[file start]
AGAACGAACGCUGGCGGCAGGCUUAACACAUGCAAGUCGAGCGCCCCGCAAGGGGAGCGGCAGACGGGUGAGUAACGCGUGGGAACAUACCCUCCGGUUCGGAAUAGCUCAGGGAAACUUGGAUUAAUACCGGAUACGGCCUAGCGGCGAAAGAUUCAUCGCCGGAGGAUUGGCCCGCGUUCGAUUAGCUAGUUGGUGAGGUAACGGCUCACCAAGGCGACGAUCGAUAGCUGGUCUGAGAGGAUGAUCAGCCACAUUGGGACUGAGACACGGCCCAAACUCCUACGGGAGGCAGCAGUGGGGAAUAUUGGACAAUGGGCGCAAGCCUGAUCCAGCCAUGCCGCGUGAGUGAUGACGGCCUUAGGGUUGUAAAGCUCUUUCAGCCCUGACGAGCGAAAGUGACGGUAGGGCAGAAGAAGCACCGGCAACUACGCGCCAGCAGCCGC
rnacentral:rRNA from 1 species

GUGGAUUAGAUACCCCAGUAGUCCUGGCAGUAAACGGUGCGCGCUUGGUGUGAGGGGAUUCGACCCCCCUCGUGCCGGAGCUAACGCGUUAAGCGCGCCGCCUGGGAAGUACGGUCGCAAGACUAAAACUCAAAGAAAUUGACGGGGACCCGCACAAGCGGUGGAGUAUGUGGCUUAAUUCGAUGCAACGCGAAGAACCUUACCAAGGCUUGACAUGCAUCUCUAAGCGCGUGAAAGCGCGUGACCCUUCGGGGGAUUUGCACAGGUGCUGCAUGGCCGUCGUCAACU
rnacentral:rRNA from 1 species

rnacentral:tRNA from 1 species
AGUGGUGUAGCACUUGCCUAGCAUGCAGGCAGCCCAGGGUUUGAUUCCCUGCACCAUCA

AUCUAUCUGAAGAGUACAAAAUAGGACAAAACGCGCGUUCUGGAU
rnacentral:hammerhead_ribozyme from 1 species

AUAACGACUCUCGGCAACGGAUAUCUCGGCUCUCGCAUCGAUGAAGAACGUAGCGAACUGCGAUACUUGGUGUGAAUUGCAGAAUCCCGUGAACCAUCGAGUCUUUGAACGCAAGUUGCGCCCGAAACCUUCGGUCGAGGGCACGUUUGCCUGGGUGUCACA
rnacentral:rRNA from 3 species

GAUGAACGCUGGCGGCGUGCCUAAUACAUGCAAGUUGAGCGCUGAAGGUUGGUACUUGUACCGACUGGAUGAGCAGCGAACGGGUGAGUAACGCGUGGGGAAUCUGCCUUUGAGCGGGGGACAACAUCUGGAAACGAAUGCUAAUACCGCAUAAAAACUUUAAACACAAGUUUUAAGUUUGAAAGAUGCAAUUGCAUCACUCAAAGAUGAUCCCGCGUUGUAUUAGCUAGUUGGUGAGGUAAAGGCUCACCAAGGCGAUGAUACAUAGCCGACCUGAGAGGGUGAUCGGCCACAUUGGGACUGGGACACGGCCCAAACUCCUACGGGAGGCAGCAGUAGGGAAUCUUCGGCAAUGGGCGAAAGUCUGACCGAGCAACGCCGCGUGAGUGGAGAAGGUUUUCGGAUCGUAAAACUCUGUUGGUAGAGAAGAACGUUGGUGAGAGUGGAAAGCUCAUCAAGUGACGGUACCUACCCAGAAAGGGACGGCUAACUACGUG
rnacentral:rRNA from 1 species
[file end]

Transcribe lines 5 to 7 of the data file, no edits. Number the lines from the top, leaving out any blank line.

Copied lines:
rnacentral:tRNA from 1 species
AGUGGUGUAGCACUUGCCUAGCAUGCAGGCAGCCCAGGGUUUGAUUCCCUGCACCAUCA

AUCUAUCUGAAGAGUACAAAAUAGGACAAAACGCGCGUUCUGGAU